Mount Howard
On 12 November 2007, Bob Spirko and I made a valiant attempt at scrambling up Mount Howard in Alberta's Kananaskis Country via the route described by Andrew Nugara in More Scrambles in the Canadian Rockies.  Unfortunately, the weather was not particularly cooperative with a howling wind making walking difficult even along the flats of Upper Canyon Creek.  Hoping to stay sheltered from the wind for as long as possible, we opted to ascend a drainage just east of Mount Howard's north ridge.  This turned out to be a feasible alternative to Nugara's route, but when we inevitably had to climb back onto the ridge, the ferocious wind threatened to blast us off our feet with every step we took.  I found it difficult to stand up, let alone walk in that gale, and it did not take long before Bob and I decided to abandon our attempt at the summit.  We hastily retreated back down the drainage and out Upper Canyon Creek with intentions to return in calmer weather.

Be sure to check out Bob's trip report of our failed attempt here.
Best view of the day...sadly! The morning sky is strikingly colourful.
We should have just called it a day after these photos! The sky appears to be on fire!
I don't feel so good... Bob hikes into the teeth of the wind blowing through Upper Canyon Creek.  The start of Mount Howard's north ridge is straight ahead.
While Bob would return less than a year later to complete the ascent, I put Mount Howard on the back burner indefinitely for various reasons, not the least of which was having to endure another soul-sucking slog along Upper Canyon Creek.  Over the subsequent years, I occasionally toyed with the idea of returning but was always distracted by the lure of more attractive peaks elsewhere.  When I finally decided to revisit Mount Howard on 22 July 2012, I was coming off one of my longest peak-bagging droughts in recent years (the reasons for this extend beyond the scope of this trip report, but it might be worth discussing at a local pub on a "wing nite"!).

The crux of the trip was tearing myself away from the television after watching Adam Scott's improbable collapse at the Open Championship (golf).  With the beautiful weather that day, it was not surprising that the roads in K-Country were heavily congested.  Popular picnic sites like Allen Bill Pond and Elbow Falls were absolute zoos--so much for the "wilderness experience"!  Nevertheless, once I started hiking along Upper Canyon Creek, I did not see another soul for the rest of the day.  The 5-kilometre approach before the actual climbing begins felt just as painfully long as before, but at least I was not fighting gale-force winds this time.  I took to Nugara's access ridge and bypassed all the minor high points en route to the summit of Mount Howard.  This entailed much side-hill bashing which did not agree well with my weak ankles, but thankfully, some beaten paths in the scree helped alleviate some of the constant stumbling.  The fun scrambling on the final summit block was sadly short-lived, and I was also a tad disappointed that the summit views were marred by some late day cloud cover.  I could not even record my displeasure in the summit register since it was either missing or very well-hidden.  I spent less than half an hour on the summit before commencing my descent.  After partly retracing my steps, I dropped down into the drainage that Bob and I had previously hiked and followed it back to Upper Canyon Creek.  From there, my hike back to my car was even more painfully long but otherwise uneventful.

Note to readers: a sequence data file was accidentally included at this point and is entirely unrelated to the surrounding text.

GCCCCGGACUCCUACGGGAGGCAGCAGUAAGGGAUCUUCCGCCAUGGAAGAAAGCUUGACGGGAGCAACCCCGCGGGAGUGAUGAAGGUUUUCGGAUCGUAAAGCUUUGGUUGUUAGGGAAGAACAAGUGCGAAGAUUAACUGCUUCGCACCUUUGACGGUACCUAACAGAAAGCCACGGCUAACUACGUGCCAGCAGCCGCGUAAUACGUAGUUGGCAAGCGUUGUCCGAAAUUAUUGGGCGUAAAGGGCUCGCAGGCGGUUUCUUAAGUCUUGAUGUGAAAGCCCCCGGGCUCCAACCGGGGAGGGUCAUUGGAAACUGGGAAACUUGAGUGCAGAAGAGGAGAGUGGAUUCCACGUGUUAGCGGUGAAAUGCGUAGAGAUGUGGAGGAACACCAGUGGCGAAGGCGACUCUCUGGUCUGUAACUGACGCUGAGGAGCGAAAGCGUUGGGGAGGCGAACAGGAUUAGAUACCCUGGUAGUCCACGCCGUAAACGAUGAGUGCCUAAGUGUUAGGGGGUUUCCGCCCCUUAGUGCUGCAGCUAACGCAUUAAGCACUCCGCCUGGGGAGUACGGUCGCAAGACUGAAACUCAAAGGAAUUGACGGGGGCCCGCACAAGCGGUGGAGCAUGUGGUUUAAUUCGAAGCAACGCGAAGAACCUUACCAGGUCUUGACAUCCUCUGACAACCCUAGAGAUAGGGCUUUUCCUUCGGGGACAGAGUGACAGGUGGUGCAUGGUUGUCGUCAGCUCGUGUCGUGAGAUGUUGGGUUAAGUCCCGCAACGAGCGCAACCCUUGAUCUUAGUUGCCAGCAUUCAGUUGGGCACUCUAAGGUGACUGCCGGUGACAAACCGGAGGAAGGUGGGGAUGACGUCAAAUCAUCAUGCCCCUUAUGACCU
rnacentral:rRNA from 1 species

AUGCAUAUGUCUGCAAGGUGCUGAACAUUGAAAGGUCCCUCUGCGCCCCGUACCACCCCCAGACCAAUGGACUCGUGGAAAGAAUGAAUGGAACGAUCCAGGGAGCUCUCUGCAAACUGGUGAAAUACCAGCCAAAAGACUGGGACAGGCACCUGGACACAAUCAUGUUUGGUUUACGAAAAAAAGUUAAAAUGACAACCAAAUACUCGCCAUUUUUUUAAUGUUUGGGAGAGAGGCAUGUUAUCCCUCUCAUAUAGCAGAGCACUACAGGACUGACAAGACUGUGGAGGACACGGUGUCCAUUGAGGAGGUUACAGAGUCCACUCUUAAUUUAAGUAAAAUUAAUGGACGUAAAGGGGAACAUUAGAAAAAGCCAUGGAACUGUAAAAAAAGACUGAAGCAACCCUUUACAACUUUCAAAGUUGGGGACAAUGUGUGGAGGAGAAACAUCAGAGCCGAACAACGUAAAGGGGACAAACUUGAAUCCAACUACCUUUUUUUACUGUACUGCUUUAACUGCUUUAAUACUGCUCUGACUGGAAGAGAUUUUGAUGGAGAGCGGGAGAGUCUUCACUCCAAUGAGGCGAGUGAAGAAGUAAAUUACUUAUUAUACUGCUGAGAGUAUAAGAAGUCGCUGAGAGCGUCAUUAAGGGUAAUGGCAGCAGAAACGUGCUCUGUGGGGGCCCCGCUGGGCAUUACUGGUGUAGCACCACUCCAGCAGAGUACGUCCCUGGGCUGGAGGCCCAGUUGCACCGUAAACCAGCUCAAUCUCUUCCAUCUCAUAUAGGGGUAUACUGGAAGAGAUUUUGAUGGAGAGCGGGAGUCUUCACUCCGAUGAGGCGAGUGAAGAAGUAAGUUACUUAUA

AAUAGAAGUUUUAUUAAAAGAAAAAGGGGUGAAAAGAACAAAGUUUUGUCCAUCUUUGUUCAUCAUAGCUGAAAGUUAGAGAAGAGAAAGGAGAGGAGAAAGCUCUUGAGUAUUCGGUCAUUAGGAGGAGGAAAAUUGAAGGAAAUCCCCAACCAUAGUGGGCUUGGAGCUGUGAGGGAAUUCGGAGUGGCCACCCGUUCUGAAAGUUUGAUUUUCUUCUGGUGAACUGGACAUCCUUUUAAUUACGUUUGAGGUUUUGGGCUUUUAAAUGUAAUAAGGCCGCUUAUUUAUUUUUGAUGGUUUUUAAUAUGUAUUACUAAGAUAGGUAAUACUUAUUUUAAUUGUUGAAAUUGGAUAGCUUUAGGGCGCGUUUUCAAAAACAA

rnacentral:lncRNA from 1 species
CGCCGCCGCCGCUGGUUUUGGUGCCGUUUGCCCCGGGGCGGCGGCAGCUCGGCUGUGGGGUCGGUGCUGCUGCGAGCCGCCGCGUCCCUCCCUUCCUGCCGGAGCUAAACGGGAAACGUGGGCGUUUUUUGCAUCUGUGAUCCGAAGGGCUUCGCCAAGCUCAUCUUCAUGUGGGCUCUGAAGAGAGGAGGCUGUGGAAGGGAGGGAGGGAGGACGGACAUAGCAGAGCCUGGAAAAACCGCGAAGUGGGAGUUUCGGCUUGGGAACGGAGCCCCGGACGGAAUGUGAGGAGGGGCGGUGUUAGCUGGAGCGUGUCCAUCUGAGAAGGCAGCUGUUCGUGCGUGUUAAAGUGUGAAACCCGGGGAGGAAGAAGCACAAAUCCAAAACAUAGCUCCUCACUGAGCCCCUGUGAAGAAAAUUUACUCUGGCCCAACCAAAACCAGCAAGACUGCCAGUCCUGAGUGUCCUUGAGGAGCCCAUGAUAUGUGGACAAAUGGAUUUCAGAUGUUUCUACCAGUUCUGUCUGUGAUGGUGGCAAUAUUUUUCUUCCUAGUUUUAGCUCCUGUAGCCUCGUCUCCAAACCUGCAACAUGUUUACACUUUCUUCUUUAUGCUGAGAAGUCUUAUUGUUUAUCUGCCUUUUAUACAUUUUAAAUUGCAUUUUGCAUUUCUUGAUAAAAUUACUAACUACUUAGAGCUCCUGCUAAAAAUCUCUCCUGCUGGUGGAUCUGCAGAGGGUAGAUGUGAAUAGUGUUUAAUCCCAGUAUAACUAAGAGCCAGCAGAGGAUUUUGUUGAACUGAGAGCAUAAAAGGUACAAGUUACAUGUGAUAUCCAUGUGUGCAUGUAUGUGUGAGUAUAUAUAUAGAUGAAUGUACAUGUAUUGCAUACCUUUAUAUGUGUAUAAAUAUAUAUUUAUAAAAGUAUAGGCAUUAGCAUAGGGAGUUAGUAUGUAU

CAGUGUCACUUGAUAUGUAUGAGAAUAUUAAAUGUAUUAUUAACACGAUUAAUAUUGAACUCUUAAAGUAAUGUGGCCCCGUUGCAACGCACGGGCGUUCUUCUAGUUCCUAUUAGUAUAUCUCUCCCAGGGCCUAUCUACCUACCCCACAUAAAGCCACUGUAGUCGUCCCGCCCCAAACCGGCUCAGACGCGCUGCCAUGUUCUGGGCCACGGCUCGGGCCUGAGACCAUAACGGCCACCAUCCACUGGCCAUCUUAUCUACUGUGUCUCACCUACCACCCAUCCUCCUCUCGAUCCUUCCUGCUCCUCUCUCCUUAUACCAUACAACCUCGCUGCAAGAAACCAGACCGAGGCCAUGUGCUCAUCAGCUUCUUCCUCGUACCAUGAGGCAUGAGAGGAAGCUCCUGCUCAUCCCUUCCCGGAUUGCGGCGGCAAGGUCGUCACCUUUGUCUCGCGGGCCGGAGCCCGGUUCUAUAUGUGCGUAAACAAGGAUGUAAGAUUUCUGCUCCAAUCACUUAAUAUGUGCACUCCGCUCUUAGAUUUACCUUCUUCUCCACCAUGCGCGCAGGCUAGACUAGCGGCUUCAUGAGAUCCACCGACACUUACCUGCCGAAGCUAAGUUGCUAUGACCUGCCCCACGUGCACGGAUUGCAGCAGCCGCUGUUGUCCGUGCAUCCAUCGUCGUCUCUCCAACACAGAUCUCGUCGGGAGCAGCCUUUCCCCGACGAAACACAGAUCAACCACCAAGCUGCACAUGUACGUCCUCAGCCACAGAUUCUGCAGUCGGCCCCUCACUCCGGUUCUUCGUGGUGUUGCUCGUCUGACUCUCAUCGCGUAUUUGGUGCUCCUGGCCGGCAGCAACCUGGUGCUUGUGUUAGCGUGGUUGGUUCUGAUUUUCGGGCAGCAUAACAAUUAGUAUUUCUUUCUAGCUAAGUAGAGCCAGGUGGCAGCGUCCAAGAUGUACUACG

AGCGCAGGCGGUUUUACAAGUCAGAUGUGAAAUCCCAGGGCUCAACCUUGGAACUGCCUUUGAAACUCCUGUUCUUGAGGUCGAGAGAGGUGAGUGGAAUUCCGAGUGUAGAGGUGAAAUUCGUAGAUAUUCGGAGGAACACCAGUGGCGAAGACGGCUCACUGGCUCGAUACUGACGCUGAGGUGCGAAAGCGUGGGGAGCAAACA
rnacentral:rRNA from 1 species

Wish I had brought my bicycle... Sonny hikes along Upper Canyon Creek with much more pleasant weather.
It's already a long walk just to get this far. The north ridge of Mount Howard comes into view. ankles are aching already! Some impressive cliffs guard the south side of Mount Bryant.
Lotsa side-hill bashing to come if you're lazy like me! The summit of Mount Howard appears on the horizon.
The angle of the slope wasn't doing my aching ankles any favours! Sonny cuts across a slope to avoid needless elevation gain.
For much of the ascent, I thought this was merely another false summit. Here is a closer look at the summit block of Mount Howard.
This is roughly as far as I got on my first attempt. After much side-hill bashing, the summit does not appear any closer.
Nice to walk on the crest of the ridge again albeit only briefly! Much of Mount Howard's north ridge can be traced here all the way back to Upper Canyon Creek.
If you look closely, you can even spot a small pinnacle on the upper col. From here, there is one more high point (upper right) to bypass before the summit block.
I couldn't find a summit register. Clouds have unfortunately rolled into the area by the time that Sonny arrives at Mount Howard's 2783-metre summit.
Where did all these freakin' clouds come from?? A sea of peaks stretch out to the west.
Betcha the Lookout was a zoo on this day! Moose Mountain is still awash in sunshine to the northeast.
I wonder how many of these summits saw visitors on this day... The southern view includes such familiar "Kane" peaks as Mount Fullerton, Mount Glasgow,  Mount Remus, and Mount Romulus.
Hard to believe it has been almost 9 years since I stood on Fisher Peak's summit. Fisher Peak dominates the view to the southwest.
I first noticed these odd plants while climbing Piggy Plus in 2009. Nodding cockles (Silene uralensis) such as this one are seemingly abundant in the area.
I still have another 2.5 hours of stumbling back to the car from here...ugh. Compression Ridge exhibits some interesting hues late in the day.  Sonny's exit drainage is visible at bottom left.
Slog with a capital "S"!

Total Distance:  23.0 kilometres
Round-Trip Time:  8 hours 49 minutes
Net Elevation Gain:  1091 metres